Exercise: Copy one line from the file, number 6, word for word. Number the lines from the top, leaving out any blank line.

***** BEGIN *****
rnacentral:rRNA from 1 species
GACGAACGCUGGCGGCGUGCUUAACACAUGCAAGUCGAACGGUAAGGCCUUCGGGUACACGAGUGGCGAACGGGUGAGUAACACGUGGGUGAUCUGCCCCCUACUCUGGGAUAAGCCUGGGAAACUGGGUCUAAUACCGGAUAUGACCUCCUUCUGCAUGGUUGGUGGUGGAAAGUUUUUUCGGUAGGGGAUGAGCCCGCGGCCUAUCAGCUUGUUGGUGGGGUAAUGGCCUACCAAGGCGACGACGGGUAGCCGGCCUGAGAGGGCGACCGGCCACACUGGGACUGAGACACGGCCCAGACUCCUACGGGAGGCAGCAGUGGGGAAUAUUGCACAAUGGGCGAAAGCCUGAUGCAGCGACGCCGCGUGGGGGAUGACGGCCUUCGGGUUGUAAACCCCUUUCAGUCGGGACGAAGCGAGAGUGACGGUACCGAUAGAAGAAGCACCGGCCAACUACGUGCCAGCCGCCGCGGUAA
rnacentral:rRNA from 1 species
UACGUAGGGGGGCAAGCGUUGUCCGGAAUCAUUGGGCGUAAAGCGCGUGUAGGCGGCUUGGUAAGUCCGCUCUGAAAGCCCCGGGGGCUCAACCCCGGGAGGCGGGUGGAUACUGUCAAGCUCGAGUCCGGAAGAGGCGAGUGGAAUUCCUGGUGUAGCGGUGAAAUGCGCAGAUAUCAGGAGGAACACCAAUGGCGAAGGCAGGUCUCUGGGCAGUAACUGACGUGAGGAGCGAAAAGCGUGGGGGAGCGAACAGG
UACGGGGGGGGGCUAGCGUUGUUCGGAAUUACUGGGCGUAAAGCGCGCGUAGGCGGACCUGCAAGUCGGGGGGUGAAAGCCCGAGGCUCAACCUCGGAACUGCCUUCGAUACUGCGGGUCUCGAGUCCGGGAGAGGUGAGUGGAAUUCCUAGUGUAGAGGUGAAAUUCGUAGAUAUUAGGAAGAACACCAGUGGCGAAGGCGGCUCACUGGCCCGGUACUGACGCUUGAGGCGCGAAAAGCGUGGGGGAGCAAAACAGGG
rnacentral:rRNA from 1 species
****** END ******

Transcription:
rnacentral:rRNA from 1 species